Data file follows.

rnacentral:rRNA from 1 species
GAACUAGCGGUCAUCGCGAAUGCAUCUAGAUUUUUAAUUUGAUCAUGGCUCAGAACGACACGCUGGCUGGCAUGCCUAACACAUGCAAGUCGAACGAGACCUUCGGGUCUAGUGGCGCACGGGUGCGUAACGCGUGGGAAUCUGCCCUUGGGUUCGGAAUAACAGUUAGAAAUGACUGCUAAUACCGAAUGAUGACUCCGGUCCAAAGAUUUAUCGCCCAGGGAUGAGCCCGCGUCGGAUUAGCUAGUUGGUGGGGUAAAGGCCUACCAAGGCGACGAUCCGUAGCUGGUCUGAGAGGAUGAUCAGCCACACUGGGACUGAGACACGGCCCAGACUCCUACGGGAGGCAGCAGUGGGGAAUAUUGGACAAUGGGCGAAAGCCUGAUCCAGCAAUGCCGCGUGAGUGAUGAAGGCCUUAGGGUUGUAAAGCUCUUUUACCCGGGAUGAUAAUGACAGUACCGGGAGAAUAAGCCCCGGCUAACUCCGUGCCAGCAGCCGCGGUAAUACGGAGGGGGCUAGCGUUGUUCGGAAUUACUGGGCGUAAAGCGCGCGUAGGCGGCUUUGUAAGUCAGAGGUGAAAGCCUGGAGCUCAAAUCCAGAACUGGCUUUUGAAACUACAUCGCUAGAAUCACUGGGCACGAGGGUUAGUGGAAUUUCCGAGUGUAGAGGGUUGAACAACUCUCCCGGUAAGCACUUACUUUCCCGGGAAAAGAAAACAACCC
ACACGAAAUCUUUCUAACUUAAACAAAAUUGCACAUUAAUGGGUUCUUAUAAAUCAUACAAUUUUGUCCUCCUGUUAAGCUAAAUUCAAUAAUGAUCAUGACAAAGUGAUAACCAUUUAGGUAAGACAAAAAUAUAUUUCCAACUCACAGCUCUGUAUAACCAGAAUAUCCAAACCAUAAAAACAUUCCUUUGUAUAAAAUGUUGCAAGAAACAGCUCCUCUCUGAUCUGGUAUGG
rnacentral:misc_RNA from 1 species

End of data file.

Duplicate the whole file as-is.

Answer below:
rnacentral:rRNA from 1 species
GAACUAGCGGUCAUCGCGAAUGCAUCUAGAUUUUUAAUUUGAUCAUGGCUCAGAACGACACGCUGGCUGGCAUGCCUAACACAUGCAAGUCGAACGAGACCUUCGGGUCUAGUGGCGCACGGGUGCGUAACGCGUGGGAAUCUGCCCUUGGGUUCGGAAUAACAGUUAGAAAUGACUGCUAAUACCGAAUGAUGACUCCGGUCCAAAGAUUUAUCGCCCAGGGAUGAGCCCGCGUCGGAUUAGCUAGUUGGUGGGGUAAAGGCCUACCAAGGCGACGAUCCGUAGCUGGUCUGAGAGGAUGAUCAGCCACACUGGGACUGAGACACGGCCCAGACUCCUACGGGAGGCAGCAGUGGGGAAUAUUGGACAAUGGGCGAAAGCCUGAUCCAGCAAUGCCGCGUGAGUGAUGAAGGCCUUAGGGUUGUAAAGCUCUUUUACCCGGGAUGAUAAUGACAGUACCGGGAGAAUAAGCCCCGGCUAACUCCGUGCCAGCAGCCGCGGUAAUACGGAGGGGGCUAGCGUUGUUCGGAAUUACUGGGCGUAAAGCGCGCGUAGGCGGCUUUGUAAGUCAGAGGUGAAAGCCUGGAGCUCAAAUCCAGAACUGGCUUUUGAAACUACAUCGCUAGAAUCACUGGGCACGAGGGUUAGUGGAAUUUCCGAGUGUAGAGGGUUGAACAACUCUCCCGGUAAGCACUUACUUUCCCGGGAAAAGAAAACAACCC
ACACGAAAUCUUUCUAACUUAAACAAAAUUGCACAUUAAUGGGUUCUUAUAAAUCAUACAAUUUUGUCCUCCUGUUAAGCUAAAUUCAAUAAUGAUCAUGACAAAGUGAUAACCAUUUAGGUAAGACAAAAAUAUAUUUCCAACUCACAGCUCUGUAUAACCAGAAUAUCCAAACCAUAAAAACAUUCCUUUGUAUAAAAUGUUGCAAGAAACAGCUCCUCUCUGAUCUGGUAUGG
rnacentral:misc_RNA from 1 species